- The Washington Times - Sunday, June 11, 2000

Many babies are still being placed on their stomachs to sleep, despite a campaign by pediatricians to encourage placing babies in a position to reduce the risk of sudden infant death syndrome (SIDS).

SIDS is the sudden, unexplained death of an infant younger than 1 while sleeping. It is the leading cause of death in babies between 1 and 12 months of age.

The American Academy of Pediatrics (AAP) reports the rate of SIDS has decreased by 40 percent since 1992, when pediatricians began recommending that babies be placed on their side or back to sleep. Another contributor to the decline was the start of the AAP's "Back to Sleep" publicity campaign in 1994.

The rate of decline has leveled off in the past year, however, and nearly 3,000 babies are still succumbing to SIDS annually, according to National Institutes of Health (NIH) data.

"Back placement is increasing but has not reached desired levels," says SIDS specialist Marian Willinger of the National Institute of Child Health and Human Development.

Dr. John Kattwinkel, chairman of the AAP's task force on infant sleep position and SIDS, says there is concern that the message is not getting through to large segments of the population.

"SIDS has been cut in half among the general population," Dr. Kattwinkel says. "However, blacks still have a SIDS rate of over two times the national average and are more than twice as likely to be placed on their stomachs to sleep. We need to study why this is happening. It might just be a matter of the message not getting out or people listening to grandmother's advice."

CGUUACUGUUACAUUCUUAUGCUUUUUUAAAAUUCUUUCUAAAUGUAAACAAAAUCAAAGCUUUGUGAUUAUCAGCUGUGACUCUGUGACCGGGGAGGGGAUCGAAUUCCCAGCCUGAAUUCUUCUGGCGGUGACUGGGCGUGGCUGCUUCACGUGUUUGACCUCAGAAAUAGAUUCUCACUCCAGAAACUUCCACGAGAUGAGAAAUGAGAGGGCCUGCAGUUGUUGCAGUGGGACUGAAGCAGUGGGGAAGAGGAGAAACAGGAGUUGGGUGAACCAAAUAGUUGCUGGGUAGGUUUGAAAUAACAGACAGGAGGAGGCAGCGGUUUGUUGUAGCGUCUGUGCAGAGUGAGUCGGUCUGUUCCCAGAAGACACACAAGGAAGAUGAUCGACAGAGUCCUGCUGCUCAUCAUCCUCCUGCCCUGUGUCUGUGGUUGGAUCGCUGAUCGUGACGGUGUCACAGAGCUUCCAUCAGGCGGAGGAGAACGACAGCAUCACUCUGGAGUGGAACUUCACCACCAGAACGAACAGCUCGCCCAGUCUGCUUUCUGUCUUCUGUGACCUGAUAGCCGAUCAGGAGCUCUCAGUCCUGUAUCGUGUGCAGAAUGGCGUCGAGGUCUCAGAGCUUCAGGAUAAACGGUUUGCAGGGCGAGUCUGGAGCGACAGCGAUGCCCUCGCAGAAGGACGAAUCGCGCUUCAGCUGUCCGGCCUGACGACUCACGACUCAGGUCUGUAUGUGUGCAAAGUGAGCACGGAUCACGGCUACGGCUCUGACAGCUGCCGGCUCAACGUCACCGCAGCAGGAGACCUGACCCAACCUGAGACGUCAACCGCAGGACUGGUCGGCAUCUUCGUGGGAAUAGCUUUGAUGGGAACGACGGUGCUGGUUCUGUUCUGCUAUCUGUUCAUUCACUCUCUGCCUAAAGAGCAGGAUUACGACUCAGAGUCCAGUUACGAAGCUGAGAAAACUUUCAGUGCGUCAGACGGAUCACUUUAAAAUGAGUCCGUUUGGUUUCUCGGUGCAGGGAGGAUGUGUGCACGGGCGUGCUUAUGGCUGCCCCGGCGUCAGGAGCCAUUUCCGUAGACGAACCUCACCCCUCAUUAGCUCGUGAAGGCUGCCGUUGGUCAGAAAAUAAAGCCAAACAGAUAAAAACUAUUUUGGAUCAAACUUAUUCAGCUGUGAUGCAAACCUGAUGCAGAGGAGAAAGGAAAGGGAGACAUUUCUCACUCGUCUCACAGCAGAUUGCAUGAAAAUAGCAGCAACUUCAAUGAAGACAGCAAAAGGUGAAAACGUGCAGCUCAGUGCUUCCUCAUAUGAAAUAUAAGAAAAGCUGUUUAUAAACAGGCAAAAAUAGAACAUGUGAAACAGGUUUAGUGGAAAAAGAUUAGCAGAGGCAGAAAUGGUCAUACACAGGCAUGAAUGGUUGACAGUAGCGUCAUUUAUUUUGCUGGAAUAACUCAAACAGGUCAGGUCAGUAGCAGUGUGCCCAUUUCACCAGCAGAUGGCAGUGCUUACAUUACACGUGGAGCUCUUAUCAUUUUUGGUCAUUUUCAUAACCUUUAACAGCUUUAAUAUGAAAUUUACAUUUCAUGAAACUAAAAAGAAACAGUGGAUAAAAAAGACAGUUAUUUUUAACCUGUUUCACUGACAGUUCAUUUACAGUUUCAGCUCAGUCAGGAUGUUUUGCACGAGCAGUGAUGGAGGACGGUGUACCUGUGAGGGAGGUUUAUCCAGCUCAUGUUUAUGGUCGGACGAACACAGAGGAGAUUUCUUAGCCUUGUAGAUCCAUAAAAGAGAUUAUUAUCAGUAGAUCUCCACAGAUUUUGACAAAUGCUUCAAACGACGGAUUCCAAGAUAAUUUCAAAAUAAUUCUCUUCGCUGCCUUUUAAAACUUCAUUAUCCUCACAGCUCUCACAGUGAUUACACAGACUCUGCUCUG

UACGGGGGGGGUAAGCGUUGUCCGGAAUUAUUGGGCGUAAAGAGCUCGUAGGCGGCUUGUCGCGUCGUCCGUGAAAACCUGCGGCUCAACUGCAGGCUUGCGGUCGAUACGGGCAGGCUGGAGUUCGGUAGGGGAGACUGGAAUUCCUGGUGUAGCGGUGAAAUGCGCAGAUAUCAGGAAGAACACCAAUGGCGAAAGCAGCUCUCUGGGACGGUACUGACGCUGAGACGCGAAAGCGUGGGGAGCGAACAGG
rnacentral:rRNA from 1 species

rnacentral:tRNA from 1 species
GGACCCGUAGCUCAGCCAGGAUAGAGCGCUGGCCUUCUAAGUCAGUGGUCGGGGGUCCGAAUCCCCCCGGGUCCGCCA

Most SIDS cases occur between 1 and 4 months of age.

Dr. Kattwinkel says it is important for new parents to remember that the peak risk for SIDS occurs between 2 and 4 months. More than 20 percent of parents and caregivers switch the baby from his back to a stomach-sleeping position between 1 and 3 months, he says.

Many parents change the baby's sleeping position against doctor's advice because they feel the baby will sleep better or not choke if the child spits up.

"The doctors are doing a pretty good job of getting the message out," Dr. Kattwinkel says. "There is just a segment of the population that is not hearing it."

Other things parents and caregivers can do to reduce the risk of SIDS include:

• Avoid placing an infant on soft surfaces such as a waterbed, sofa, soft mattress, quilt or comforter.

• Keep pillows and stuffed toys out of the baby's crib. They can obstruct a baby's airway if the child is lying his or her back.

• Don't smoke during or after pregnancy. Mothers who smoke during pregnancy are three times more likely to lose a baby to SIDS, according to NIH data. Exposing an infant to secondhand smoke also doubles the baby's risk of SIDS.

The AAP also recommends a certain amount of "tummy time" when the baby is awake for developmental reasons and to avoid a flat spot on the baby's head. The group does not recommend devices designed to maintain sleep position or to reduce the risk of re-breathing (breathing in the carbon dioxide the baby has just exhaled). None has been proved to reduce the risk of SIDS.

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